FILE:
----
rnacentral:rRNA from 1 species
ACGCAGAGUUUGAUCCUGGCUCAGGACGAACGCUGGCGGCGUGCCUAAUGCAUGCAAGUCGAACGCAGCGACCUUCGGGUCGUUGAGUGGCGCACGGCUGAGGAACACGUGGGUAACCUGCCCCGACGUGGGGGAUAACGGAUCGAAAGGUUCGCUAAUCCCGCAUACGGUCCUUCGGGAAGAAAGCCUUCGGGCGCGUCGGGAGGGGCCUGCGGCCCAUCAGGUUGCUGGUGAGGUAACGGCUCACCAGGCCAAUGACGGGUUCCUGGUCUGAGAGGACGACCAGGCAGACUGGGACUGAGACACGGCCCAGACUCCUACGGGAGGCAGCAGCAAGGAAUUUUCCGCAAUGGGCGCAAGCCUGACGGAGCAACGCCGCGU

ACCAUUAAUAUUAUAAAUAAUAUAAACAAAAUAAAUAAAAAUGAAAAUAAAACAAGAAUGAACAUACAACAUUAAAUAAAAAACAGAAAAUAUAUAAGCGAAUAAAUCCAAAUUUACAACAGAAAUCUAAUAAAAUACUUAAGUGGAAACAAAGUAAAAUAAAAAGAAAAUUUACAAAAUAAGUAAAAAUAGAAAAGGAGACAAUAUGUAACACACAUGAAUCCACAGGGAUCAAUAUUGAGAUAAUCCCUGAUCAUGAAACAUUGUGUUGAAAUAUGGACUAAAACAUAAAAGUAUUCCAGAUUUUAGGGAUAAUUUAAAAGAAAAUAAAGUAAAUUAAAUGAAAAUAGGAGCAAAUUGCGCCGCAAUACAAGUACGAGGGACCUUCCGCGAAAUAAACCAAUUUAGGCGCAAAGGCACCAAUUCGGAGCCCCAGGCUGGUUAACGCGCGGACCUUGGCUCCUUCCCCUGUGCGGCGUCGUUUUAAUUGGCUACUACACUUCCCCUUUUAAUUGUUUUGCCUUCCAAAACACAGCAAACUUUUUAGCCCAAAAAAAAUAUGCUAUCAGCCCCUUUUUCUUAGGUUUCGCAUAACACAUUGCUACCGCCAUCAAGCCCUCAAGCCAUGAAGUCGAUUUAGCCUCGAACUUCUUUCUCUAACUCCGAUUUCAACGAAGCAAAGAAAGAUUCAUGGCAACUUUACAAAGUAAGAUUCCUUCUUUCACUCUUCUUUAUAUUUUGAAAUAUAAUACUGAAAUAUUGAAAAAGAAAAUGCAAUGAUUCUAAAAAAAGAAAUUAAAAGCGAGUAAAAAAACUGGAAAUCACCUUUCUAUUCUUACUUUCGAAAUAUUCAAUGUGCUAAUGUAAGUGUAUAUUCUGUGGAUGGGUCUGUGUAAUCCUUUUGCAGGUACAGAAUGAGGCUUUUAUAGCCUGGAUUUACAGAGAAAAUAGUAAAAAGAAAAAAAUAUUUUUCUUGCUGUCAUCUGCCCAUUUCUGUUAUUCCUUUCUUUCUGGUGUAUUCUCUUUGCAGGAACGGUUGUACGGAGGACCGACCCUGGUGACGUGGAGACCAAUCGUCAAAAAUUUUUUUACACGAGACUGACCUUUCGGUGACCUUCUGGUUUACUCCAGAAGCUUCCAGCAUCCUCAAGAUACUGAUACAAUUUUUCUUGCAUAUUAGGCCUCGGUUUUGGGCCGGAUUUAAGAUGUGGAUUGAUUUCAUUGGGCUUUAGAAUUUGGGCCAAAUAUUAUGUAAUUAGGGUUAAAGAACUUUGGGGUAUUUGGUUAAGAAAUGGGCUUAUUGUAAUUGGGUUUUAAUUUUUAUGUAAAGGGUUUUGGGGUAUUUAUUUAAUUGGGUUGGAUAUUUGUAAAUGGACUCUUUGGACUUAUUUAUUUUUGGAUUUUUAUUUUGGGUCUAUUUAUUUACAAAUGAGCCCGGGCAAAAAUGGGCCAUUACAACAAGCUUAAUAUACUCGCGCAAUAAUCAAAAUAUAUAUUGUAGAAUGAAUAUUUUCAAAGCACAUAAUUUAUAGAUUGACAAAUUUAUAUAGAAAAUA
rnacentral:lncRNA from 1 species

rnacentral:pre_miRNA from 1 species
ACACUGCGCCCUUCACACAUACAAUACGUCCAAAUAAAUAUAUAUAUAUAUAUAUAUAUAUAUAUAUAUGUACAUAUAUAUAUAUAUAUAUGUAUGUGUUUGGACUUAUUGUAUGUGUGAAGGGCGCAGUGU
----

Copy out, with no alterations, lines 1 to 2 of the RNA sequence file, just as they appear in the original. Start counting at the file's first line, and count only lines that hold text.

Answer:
rnacentral:rRNA from 1 species
ACGCAGAGUUUGAUCCUGGCUCAGGACGAACGCUGGCGGCGUGCCUAAUGCAUGCAAGUCGAACGCAGCGACCUUCGGGUCGUUGAGUGGCGCACGGCUGAGGAACACGUGGGUAACCUGCCCCGACGUGGGGGAUAACGGAUCGAAAGGUUCGCUAAUCCCGCAUACGGUCCUUCGGGAAGAAAGCCUUCGGGCGCGUCGGGAGGGGCCUGCGGCCCAUCAGGUUGCUGGUGAGGUAACGGCUCACCAGGCCAAUGACGGGUUCCUGGUCUGAGAGGACGACCAGGCAGACUGGGACUGAGACACGGCCCAGACUCCUACGGGAGGCAGCAGCAAGGAAUUUUCCGCAAUGGGCGCAAGCCUGACGGAGCAACGCCGCGU